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Greece: A tale of two protests

Supporters of Greece's extreme right party Golden Dawn shout slogans during a rally in Athens, 1 February 2014.
Supporters of Greece's extreme right party Golden Dawn shout slogans during a rally in Athens, 1 February 2014.

AP Photo/Yannis Kolesidis

By Christos Syllas

Following the reappearance of Golden Dawn's “battalion squads” last week in Keratsini, where hip hop artist Pavlos Fyssas was murdered, antifascist rallies and demos are increasingly met with state repression and police violence.

On 25 January, a group of 80-100 neo-fascists took down a banner in Fyssas' honour and attacked a self-managed hangout called “Resalto”. As documented on social media, the riot police merely looked on during the attack.

On Saturday 1 February, two protests, one from anti-fascists and anarchists, and one from Golden Dawn, were planned at different locations in the centre of Athens.

Anti-fascists were calling for a rally in protest [of] Golden Dawn's disrespect to Pavlos Fyssas, as well as the refugee tragedy at Farmakonisi, an alleged pushback operation which had already prompted an investigation and led to condemnation from international human rights organisations.

Golden Dawn had called for its annual march at the Imia memorial. Members and supporters of the party gathered to commemorate the Imia crisis in 1996, a conflict between Greece and Turkey over two small rocky islands during which three Greek navy officers died.

Even though the police had banned all marches — though not rallies — “for reasons of public safety”, Golden Dawn defied the ban and marched through central Athens. There was no intervention from the police.

Elsewhere in the capital, at Syntagma Square, clashes broke out between protesters and the police when two men with Greek flags on their jacket were spotted and chased down. One of them managed to escape through the riot police and the other one was attacked and injured slightly. Despite anti-fascist efforts to safeguard the rally, riot police dispersed the protesters using stun grenades and tear gas. Some protesters were arrested.

Nikolas Georgiou, an independent photojournalist, witnessed an unconscious man being dragged by police.

“They had him in handcuffs and he had already passed out when they started dragging him. It was only when a colleague of mine told them that he was not breathing, that they seemed to worry,” Georgiou told Index on Censorship.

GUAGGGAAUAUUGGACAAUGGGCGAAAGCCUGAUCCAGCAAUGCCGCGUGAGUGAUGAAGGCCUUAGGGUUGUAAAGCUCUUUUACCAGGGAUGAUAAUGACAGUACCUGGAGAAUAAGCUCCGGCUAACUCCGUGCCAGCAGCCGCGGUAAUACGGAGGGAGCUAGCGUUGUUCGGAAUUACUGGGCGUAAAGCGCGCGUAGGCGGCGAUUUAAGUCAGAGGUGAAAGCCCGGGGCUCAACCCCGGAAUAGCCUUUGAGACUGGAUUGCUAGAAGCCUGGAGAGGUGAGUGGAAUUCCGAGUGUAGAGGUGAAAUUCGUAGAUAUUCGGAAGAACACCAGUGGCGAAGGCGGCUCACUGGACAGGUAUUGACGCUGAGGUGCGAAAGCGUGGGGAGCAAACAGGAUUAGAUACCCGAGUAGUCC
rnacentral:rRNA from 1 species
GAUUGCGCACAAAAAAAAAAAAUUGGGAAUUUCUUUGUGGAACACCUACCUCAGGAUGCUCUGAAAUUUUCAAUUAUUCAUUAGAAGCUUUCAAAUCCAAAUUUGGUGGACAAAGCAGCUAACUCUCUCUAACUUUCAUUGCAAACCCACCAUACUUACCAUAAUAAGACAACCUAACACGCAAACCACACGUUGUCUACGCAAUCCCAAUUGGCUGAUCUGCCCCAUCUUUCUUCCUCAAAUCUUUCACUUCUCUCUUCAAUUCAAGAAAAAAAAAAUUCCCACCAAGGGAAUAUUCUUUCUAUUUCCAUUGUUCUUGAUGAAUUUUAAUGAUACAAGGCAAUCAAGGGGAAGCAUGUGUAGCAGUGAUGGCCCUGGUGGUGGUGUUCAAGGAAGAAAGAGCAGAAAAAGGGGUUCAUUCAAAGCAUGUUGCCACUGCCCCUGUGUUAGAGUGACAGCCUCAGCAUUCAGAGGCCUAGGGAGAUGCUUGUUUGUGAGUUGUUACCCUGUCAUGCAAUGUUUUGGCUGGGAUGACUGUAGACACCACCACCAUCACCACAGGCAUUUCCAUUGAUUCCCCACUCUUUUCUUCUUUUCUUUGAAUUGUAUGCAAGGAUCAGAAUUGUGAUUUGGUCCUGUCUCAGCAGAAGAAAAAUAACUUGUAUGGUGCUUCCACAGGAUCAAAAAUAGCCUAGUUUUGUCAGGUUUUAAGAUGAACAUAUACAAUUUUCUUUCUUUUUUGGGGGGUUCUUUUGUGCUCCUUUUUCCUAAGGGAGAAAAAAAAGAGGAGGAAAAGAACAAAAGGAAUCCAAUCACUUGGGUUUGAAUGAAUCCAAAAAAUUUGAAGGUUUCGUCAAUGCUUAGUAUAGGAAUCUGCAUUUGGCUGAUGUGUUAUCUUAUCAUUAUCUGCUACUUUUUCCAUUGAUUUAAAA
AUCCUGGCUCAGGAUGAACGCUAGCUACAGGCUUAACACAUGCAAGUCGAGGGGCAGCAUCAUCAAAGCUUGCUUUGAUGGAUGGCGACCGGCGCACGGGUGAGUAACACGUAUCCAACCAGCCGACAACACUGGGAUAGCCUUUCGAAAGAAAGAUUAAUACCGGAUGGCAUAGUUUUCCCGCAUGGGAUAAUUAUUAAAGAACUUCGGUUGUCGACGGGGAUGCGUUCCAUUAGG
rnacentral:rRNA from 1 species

When a member of parliament asked riot police to explain the incident, the answer given was that the protester had “slipped and he fell”.

The man, a Turkish refugee named Saltchuk Gungor, was transferred to the Georgios Genimatas Hospital under close supervision of riot police squads.

People expressing solidarity with Gungor complained about the police presence, while Syriza's MP Afroditi Stampouli denounced the incident as “unacceptable for democracy”.

Gungor is being charged with the felony of assaulting police officers while having his face covered. He, however, denies the charges: “I didn't do anything. I was attacked without a reason. They hit me and they dragged me down,” he stated on the website left.gr. Photos taken by witnesses show that Gungor did not have his face covered.

The clashes did not stop at Syntagma Square. Police squads chased anti-fascists at the Monastiraki subway station. They used tear gas amid commuters and chased people through the subway rails.

Golden Dawn also announced its “plan B” at Saturday's rally — the founding of a party called “National Dawn”. If the government decides to continue the ban of Golden Dawn, the new party will serve as an alternative.

Half of Golden Dawn MP's are being prosecuted with charges of being part of “a criminal organization”, and one third are now in jail.

This article was originally posted on 3 February 2014 at indexoncensorship.org

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